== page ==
Housing costs have gone thru the roof since 2008 thanks to the flood of money from QE and Asian property owners, unlike thier U.S. counterparts, have the will and resources to sit on their overpriced real estate forever, even though the average professional is lucky to make U.S. $40,000 a year here to the point where 90% of the population can no longer afford to buy a home without the help of a wealthy relative from the older generation.

Bottom line being the real housing bubble is happening here in Asia and Oregon is just a side show and when it pops all those cash rich Asians paying too much for housing on the West Coast and New York City will vanish. The irony is that the bulk of the easy money sloshing into the U.S. real estate market is actually QE money. That's the writing on the wall. Everyone here knows the underlying economies in Asia are aging rapidly and falling into a Japanese style malaise so once all this easy money plays out the hangover is going to be serious for a lot of people.
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Old 05-22-2015, 10:34 AM
 
989 posts, read 1,406,321 times
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Prices are a bargain compared to the Bay Area...a lot of young technology workers talk fondly of Portland when I'm down doing business with them. Imagine being paid $150K by Salesforce, etc. and being able to relocate to PDX where they can actually buy a house. Folks they are going to keep coming...COL here, and quality of life will drive many to move here.

Portland is getting GREAT reputation nationwide...two weeks ago I had a call from a RE investor from Texas driving my neighborhood. He wanted to know how many houses he could get on my 10 acres. 50, 60? I told him he needed to study Oregon Land Use laws...as not all farmland can be developed.
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Old 05-22-2015, 11:06 AM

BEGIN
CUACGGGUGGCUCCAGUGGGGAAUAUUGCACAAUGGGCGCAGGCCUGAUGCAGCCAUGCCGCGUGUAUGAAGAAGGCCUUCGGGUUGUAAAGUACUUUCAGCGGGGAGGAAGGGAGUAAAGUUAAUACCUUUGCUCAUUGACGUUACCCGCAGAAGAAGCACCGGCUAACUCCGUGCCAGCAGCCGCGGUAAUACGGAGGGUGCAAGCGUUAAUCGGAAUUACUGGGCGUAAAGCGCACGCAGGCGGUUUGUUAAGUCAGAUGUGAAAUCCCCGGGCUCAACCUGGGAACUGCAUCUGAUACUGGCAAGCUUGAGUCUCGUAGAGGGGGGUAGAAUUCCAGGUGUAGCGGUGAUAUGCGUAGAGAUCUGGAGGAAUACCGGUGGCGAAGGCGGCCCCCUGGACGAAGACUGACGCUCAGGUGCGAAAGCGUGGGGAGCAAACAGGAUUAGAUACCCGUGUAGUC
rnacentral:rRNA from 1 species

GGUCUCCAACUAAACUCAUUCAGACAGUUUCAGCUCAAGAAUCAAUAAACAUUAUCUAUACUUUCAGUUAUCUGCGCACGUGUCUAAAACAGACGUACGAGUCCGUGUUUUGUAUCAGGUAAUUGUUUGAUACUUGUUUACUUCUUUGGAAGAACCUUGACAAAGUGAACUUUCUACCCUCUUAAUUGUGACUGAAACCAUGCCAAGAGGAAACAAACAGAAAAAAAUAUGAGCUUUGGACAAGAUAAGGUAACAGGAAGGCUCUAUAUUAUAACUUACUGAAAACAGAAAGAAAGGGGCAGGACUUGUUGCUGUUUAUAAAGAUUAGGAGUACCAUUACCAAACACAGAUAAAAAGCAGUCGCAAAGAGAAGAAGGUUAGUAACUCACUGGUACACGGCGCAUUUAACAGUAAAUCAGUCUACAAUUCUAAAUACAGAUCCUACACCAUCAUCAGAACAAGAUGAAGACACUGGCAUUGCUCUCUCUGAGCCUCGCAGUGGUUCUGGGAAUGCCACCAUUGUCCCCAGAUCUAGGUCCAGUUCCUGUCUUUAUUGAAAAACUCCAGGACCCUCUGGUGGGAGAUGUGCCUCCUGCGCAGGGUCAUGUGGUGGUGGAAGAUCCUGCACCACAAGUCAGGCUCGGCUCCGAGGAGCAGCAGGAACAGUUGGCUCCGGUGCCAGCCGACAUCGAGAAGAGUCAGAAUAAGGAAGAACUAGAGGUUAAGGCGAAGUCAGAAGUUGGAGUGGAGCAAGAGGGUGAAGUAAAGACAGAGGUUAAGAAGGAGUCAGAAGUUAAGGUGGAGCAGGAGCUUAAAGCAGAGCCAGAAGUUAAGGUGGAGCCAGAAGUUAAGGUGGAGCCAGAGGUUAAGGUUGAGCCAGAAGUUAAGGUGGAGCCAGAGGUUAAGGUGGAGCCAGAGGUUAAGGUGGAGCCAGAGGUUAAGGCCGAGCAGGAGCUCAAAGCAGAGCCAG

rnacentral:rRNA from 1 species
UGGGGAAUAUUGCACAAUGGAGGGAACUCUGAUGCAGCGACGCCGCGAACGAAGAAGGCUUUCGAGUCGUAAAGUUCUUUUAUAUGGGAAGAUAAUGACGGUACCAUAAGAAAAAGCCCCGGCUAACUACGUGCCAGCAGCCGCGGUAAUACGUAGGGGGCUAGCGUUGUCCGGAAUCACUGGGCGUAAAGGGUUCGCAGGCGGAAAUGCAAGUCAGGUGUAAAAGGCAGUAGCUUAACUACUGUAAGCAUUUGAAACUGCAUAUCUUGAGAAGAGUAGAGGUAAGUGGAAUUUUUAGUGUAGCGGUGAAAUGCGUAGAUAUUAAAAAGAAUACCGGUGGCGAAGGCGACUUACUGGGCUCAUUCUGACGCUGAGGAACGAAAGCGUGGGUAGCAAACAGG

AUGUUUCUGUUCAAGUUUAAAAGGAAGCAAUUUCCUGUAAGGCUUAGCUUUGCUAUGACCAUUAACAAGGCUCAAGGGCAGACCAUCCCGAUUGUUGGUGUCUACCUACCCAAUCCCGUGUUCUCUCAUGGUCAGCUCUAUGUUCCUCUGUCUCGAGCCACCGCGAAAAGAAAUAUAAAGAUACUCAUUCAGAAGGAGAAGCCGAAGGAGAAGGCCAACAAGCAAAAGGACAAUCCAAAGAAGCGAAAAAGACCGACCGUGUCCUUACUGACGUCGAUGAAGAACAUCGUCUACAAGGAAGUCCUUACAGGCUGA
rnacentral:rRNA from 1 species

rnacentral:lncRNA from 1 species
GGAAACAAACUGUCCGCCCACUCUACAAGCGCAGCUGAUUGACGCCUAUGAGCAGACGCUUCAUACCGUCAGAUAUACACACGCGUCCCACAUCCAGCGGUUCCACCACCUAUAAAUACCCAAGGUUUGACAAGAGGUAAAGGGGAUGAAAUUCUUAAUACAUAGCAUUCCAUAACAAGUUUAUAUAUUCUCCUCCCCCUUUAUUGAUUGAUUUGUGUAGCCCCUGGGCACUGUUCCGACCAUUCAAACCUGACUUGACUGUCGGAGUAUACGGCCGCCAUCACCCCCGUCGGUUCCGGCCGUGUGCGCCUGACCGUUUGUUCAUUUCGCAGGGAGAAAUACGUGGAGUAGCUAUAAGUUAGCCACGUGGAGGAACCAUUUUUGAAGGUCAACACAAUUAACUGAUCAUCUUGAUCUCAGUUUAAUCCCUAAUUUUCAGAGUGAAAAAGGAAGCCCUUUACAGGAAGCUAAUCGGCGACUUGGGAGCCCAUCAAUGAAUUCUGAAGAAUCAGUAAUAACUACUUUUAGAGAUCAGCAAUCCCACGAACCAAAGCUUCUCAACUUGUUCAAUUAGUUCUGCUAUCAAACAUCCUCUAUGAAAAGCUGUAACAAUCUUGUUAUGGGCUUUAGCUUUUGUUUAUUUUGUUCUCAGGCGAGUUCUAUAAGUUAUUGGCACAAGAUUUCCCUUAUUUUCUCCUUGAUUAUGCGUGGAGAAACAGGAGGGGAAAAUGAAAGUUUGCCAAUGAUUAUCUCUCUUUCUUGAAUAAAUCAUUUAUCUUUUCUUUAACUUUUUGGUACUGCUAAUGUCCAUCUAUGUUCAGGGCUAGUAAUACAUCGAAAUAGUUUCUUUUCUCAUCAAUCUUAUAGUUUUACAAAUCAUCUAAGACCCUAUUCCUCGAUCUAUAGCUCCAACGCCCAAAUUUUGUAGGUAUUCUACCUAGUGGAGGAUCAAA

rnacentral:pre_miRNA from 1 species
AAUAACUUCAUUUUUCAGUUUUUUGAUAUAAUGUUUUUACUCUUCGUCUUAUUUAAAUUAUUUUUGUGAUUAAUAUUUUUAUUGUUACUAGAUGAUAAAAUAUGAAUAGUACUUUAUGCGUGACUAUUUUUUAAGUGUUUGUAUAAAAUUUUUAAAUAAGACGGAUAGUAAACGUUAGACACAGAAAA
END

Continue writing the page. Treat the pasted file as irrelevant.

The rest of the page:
1,376 posts, read 1,230,812 times
Reputation: 1469
Quote:
Originally Posted by patrick_m View Post
The money quote:

Being a white guy living here in Asia who speaks the language and knows where all the bodies are buried has been an eye opener. There's a flood of wealthy Asians here who see the writing on the wall and are chattering away at each other about taking their cash to the U.S. to buy cheap real estate their so their families have a future. $400k U.S.? Pocket change here where a bare concrete walled apartment sells for $2,000,000 and a 30 year old roach infested hovel sells for $500k in most major Asian cities.

Housing costs have gone thru the roof since 2008 thanks to the flood of money from QE and Asian property owners, unlike thier U.S. counterparts, have the will and resources to sit on their overpriced real estate forever, even though the average professional is lucky to make U.S. $40,000 a year here to the point where 90% of the population can no longer afford to buy a home without the help of a wealthy relative from the older generation.

Bottom line being the real housing bubble is happening here in Asia and Oregon is just a side show and when it pops all those cash rich Asians paying too much for housing on the West Coast and New York City will vanish. The irony is that the bulk of the easy money sloshing into the U.S. real estate market is actually QE money. That's the writing on the wall. Everyone here knows the underlying economies in Asia are aging rapidly and falling into a Japanese style malaise so once all this easy money plays out the hangover is going to be serious for a lot of people.